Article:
Until this matter was brought to court for argument the applicants did not know of the existence of the fifth respondent and its interest in the property.   By applying for jointer the fifth respondent has advertised its interest in the property to the whole world and I do not see how this temporary interdict could be of any force or effect without it having to affect the fifth respondent who even in its application for joinder at one stage expressed the desire to be joined in the main matter HC 2097/10 although it was subsequently suggested by their counsel that that was an error.

            It is significant that Edward Jambaya the first respondent’s Managing Director in the main action HC 2097/10 did not in his opposing affidavit in that matter proffer meaningful defence to the main claim, neither did he in that case explain the interest of the fifth respondent who has just been joined in.

            The first respondent’s main defence in the main matter as can be gleaned from Jambaya’s affidavit was merely to plead with the applicant to grant it  more time to fulfill its part of the bargain and not that the property was subject of a prior sale agreement by the fifth respondent as what fifth respondent is now claiming.

            Taking a wholistic approach to this matter it is clear that the applicants, the third, fourth and fifth respondents have an interest in the properties involved and it is only logical that the interim interdict be couched in such a way that it binds all the three respondents.

Accordingly the interim interdict sought is granted against the third respondents viz, third, fourth and fifth respondents.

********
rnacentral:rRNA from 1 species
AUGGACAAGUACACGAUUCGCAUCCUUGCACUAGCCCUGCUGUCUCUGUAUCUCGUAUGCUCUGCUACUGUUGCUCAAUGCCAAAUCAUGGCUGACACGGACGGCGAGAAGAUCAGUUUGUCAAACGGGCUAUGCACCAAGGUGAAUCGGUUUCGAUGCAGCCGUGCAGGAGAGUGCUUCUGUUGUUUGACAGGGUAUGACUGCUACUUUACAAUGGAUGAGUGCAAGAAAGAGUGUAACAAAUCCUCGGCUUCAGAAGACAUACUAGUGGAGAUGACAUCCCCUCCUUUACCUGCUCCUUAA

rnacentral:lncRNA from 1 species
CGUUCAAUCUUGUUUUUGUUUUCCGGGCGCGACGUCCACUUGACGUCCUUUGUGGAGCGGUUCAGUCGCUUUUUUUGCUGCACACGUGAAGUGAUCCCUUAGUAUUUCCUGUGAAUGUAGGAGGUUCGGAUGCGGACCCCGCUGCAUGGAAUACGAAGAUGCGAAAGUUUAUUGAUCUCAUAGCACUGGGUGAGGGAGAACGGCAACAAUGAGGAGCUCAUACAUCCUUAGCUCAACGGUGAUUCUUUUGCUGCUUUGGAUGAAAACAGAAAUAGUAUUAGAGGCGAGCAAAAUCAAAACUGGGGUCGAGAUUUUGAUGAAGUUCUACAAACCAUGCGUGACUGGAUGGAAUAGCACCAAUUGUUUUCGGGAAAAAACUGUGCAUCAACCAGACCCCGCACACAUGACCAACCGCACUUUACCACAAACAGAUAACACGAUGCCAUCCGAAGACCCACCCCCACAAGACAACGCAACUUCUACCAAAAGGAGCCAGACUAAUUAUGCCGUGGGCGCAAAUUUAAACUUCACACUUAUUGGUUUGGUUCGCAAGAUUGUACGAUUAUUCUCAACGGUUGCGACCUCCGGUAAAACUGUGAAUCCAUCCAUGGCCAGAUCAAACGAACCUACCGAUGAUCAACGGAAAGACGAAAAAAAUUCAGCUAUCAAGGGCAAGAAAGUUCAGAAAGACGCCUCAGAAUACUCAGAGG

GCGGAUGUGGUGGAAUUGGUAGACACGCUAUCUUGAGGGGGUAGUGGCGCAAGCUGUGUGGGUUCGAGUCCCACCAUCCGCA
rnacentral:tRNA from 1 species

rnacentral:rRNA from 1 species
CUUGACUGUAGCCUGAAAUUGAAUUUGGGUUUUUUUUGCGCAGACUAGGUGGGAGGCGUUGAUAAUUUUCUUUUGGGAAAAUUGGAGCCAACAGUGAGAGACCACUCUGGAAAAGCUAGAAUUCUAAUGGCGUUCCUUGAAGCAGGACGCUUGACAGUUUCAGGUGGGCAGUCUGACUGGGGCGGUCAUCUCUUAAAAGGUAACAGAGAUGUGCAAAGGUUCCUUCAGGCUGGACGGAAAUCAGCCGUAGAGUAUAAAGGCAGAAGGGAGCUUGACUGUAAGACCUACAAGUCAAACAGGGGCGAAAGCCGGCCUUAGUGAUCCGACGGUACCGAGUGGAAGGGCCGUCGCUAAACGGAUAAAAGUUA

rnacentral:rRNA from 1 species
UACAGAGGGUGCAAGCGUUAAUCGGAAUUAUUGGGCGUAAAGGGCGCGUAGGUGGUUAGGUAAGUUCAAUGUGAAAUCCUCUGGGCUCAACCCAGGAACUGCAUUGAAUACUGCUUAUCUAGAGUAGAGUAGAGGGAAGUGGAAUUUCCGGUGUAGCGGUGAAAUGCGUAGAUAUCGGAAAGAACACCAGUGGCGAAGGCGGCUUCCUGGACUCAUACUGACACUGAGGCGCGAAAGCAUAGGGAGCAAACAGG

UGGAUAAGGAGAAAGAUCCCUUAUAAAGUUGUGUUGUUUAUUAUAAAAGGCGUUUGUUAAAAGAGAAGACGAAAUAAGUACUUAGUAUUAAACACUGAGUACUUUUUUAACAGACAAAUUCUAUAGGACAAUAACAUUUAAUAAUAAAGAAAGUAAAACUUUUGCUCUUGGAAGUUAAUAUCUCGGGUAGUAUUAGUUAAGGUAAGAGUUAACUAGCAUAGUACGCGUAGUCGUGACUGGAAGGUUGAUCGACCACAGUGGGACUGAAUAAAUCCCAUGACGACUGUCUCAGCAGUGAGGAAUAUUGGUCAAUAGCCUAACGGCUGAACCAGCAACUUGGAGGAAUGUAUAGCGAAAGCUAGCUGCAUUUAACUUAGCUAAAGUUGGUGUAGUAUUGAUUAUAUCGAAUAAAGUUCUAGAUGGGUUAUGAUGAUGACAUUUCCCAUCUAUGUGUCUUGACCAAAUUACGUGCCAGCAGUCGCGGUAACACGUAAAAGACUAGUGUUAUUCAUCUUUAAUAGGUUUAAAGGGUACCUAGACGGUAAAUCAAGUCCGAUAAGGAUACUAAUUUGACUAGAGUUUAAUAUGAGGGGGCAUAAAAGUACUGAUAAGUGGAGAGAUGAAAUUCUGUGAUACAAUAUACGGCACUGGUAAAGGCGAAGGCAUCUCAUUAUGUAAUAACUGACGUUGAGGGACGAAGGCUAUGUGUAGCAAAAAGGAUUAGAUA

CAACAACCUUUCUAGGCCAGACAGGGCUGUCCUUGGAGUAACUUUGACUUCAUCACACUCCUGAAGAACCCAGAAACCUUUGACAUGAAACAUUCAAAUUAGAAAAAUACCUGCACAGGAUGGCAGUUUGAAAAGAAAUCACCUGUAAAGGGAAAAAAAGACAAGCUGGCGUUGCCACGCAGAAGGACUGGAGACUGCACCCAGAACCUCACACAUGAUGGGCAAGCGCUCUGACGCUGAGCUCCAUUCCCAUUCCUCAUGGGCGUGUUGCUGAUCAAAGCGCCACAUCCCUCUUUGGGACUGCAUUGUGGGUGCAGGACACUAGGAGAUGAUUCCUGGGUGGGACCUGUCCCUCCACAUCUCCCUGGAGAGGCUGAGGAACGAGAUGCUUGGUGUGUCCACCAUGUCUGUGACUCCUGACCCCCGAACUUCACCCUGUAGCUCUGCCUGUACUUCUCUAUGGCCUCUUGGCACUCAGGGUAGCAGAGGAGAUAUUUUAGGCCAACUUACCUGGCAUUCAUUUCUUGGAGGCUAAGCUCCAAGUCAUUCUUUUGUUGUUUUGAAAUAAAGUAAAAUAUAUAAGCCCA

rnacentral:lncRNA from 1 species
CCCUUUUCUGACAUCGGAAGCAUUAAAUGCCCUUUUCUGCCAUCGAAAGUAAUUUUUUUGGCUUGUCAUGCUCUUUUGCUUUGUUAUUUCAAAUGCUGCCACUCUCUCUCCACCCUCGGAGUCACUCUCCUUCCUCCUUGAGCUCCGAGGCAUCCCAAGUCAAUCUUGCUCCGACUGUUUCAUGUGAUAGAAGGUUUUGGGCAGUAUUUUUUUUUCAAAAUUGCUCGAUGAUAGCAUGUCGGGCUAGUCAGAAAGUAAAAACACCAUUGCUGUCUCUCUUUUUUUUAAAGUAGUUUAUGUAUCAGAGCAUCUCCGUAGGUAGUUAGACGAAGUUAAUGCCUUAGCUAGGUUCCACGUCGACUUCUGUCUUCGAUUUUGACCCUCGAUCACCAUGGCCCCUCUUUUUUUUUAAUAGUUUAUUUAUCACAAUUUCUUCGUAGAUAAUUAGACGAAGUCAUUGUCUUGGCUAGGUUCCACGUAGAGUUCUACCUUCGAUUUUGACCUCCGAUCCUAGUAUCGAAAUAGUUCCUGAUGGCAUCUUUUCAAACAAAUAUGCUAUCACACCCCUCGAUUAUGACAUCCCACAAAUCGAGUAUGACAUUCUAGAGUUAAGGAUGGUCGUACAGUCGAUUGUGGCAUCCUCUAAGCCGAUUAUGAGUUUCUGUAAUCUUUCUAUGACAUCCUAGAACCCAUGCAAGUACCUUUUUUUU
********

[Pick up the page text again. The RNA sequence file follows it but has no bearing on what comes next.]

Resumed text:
TERMS OF FINAL ORDER SOUGHT

That you show cause why a final order should not be made in the following terms:

  1. The respondents and or their agents shall not sell, donate and or otherwise dispose the applicants’ Stand Nos 713, 714, 715 and the remainder of stand No 279 Helensvale Township, of Helensvale Harare.
  2. The respondents and all those claiming through them shall vacate from and give vacant possession of Stand No. 713, 714, 715  and the remainder of 279 Helensvale Township Borrowdale, Harare to the applicants’ upon service of this order.
  3. The respondents’ shall jointly and severally the one paying the other to be absolved, pay the costs of this application on a legal practitioner client scale.

 

INTERIM RELIEF GRANTED

Pending the determination of matter HC 2097/10

  1. The third, fourth and fifth respondent, their employees or agents be and are hereby interdicted from developing, disposing or alienating all or any of Stand Nos. 713, 714, 715 and the remainder of Stand 279 Helensvale Township of Helensvale, Borrowdale, Harare.

 

SERVICE OF THE PROVISIONAL ORDER

The order shall be served by the applicants’ legal practitioners to the respondents.

 

 

 

 

 

 

 

 

Mabulala & Motsi, applicants’ legal practitioners

Mawere & Sibanda, first and second respondents’ legal practitioners

Chikumbirike & Associates, third to fifth respondents’ legal practitioners

 



[1]Airfield Investment (Private) Ltd v The Minister of Lands, Agriculture and Rural Resettlement and 4 others   Judgment No. SC 36/04 at pp 8 – 9